Favorite Orb wins 139th Kentucky Derby on muddy track

Mud and muck could not stop Orb from pulling out of the pack to win easily. Photo: Orb, the Kentucky Derby winner, breaks for the win, flying over the sloppy track. AP photo

LOUISVILLE, Ky., May 5, 2013 – Remember two names: Orb, a horse, and “Shug” McGaughey, a trainer.

Next Sunday may be Mother’s Day, but this past Saturday was a day for the “mudders” of the equine world with a sloppy wet, muddy track at Churchill Downs, causing an unexpected situation for the 19 competing three-year-olds.

It all worked out in the end, as favorite Orb won handily, handing his trainer, Claude R. “Shug” McGaughey, III, his first Derby win in seven attempts. Hall of Famer McGaughey of Lexington, Ky. is well known and highly respected in racing circles, having saddled nine Breeders Cup winners, as well winning as other big races, but the Derby had always eluded him until yesterday.

“Shug” McGaughey, the Hall of Fame trainer, gets his first Derby win with Orb. AP photo

 

Jockey Joel Rosario of Santa Domingo, Dominican Republic, kept Orb back into the pack for a while, letting the front-runners cover themselves in mud and muck. Then when the time was right, he turned his horse loose to head for the front and won the race.

“I just let him be calm and relaxed,” he said, referring to the way in which Orb responded, as he moved to the front with about 200 yards to go. By that time the others – some of them rated higher than the winner – had spent themselves running so hard in the mud, and the victor was able to just fly by.

Golden Soul, ridden by Robby  Albaroado, came in second. Revolutionary, ridden by favorite Calvin Borel, had stayed close to the rail as is his wont, but even he could not cover enough ground to outlast Orb, and came in third. Mylute ridden by Rosie Napravnik in search of her first Derby win, came in fifth, while Verrazano, another highly regarded colt, could only manage fourteenth.

The racing gods just did not favor the dreams of Kevin Krigger who wanted to be the first black jockey to win since 1902. Even though he was on board Goldencents, co-owned by Rick Pitino, he could only manage seventeenth.  A comeback victory may have been the dream of long-time jockey Gary Stevens, but the former NBC color commentator came in sixth on Oxbow.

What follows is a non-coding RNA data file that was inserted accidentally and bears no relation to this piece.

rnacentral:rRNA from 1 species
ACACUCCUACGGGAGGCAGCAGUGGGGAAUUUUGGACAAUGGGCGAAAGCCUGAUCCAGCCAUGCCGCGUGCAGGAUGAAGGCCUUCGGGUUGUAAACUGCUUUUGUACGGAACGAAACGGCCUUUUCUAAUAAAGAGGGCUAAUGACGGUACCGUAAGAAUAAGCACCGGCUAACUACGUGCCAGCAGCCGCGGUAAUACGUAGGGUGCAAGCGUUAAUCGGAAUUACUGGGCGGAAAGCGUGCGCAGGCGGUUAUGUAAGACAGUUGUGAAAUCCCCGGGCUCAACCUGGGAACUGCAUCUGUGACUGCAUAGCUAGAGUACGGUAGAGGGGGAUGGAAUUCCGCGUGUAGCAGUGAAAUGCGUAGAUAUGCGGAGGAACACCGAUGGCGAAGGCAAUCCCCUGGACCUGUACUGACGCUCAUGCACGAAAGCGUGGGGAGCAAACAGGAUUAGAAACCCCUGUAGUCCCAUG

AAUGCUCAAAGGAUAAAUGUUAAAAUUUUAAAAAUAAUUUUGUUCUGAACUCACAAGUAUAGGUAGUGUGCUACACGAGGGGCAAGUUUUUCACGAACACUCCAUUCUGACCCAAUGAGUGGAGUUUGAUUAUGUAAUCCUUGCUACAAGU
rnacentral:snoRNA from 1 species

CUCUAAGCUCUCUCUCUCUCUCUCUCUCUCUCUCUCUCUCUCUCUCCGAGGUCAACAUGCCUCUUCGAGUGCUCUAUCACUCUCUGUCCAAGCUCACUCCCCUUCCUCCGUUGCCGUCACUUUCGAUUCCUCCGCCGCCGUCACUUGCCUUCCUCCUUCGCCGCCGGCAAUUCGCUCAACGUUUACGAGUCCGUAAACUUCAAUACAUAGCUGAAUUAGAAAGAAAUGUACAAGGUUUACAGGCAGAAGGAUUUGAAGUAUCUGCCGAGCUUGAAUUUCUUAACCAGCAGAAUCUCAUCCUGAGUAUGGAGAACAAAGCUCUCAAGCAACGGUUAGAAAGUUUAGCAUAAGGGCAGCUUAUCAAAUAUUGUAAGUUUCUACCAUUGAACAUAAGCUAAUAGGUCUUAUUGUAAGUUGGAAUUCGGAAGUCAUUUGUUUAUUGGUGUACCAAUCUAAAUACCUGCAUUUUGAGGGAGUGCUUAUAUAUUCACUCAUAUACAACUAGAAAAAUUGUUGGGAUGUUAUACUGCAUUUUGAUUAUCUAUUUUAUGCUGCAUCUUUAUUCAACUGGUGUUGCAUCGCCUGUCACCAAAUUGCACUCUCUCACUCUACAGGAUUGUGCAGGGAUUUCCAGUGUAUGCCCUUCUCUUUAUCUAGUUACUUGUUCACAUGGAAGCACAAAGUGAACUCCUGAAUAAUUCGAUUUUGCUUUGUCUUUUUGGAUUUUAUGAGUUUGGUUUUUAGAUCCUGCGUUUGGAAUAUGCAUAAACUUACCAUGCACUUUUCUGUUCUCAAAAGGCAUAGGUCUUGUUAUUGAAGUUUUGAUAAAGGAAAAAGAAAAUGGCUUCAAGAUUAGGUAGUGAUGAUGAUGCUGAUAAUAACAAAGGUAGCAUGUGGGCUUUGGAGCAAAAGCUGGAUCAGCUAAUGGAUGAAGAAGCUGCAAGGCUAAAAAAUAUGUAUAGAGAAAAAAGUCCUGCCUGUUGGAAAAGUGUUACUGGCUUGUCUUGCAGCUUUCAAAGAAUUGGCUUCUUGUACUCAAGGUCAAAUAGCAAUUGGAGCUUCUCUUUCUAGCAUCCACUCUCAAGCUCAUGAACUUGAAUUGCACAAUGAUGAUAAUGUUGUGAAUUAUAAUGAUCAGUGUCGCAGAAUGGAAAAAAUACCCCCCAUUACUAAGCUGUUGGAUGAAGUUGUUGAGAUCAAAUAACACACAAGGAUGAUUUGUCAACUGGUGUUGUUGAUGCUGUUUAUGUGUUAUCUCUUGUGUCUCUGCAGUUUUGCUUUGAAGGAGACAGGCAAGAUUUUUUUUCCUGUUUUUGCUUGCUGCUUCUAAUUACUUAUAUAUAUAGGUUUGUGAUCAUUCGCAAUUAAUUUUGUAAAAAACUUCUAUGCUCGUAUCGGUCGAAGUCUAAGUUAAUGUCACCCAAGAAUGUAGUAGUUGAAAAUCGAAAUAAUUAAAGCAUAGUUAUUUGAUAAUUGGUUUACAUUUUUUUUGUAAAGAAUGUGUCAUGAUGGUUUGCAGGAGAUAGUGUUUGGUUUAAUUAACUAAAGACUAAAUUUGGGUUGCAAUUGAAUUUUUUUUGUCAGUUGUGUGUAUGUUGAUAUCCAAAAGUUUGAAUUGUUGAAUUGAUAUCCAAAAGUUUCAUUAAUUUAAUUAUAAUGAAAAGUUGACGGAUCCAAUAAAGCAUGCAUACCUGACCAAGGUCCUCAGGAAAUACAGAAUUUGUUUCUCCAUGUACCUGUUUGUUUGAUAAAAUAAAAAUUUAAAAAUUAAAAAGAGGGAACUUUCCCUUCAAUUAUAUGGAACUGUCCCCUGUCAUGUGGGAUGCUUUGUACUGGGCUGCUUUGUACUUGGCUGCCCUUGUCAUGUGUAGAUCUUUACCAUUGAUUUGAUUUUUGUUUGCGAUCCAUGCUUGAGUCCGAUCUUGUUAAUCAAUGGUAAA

Payout on the top three was:

Orb                       12.80     7.40      5.40

Golden Soul                      38.60     19.40

Revolutionary                                   5.40

It was a miserably rainy day, but as the sounds of the perennial favorite, Kentucky’s state song rang out, “The sun shines bright on my old Kentucky home…,”  the clouds seemed to part a little and the sun barely shone through. Jockeys rode with five and six pair of goggles, pulling down a dirty pair in favor of a clean one as each became covered in dirt. 

Winning jockey Joel Rosario gives a muddy grin of victory. AP photo

Orb won the race by 2 1/2 lengths in a time of 2:02.89.  McGaughey was properly appreciative and quietly overjoyed, saying that the Derby win “means everything to me. I’ve always dreamed of this day and it finally came.”

Orb acted as nonchalant after the race as only a thoroughbred could, having now won his four previous races, equinely unaware that the win was worth $1,414,800.00 which added to his previous career winnings and gave him a total of $2,335,850.00. Doubtless his share will include some fresh carrots and an extra bale of hay.

Even though security was enhanced as an sequel to the Boston Marathon bombing, the crowd of over 151,000 seemed to put up with any inconvenience, and the plethora of celebrities gave the regular folk much to look at. Robert Griffin III of the Redskins was there and very popular, along with Warren Moon, a former NFL quarterback and the usual round of Hollywood celebrities, such as Jane Seymour.

Read more of Martha’s columns at The Civil War at the Communities at the Washington Times. Follow her on Face Book or LinkedIn at Martha Boltz, and by email at MBoltz2846@aol.com  


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Martha M. Boltz

Martha Boltz is a frequent contributor  to the long running Civil War features in The Washington Times America At War feature in the print and online editions. She has been a regular contributor to the original Civil War Page and its successor page since 1994, and is a civil war buff, historian, and writer. "Someone said that if we don't learn about the past, we are condemned to repeat it," she said, "and there are lessons of all sorts inherent in this bloody four-year period of our country's history."  She is a member of several heritage and lineage groups, as well as the Montgomery County Civil War Round Table. Her standing invitation is, "come on down - check the blog - send me your comments and let's have fun with its history and maybe learn something at the same time."

 

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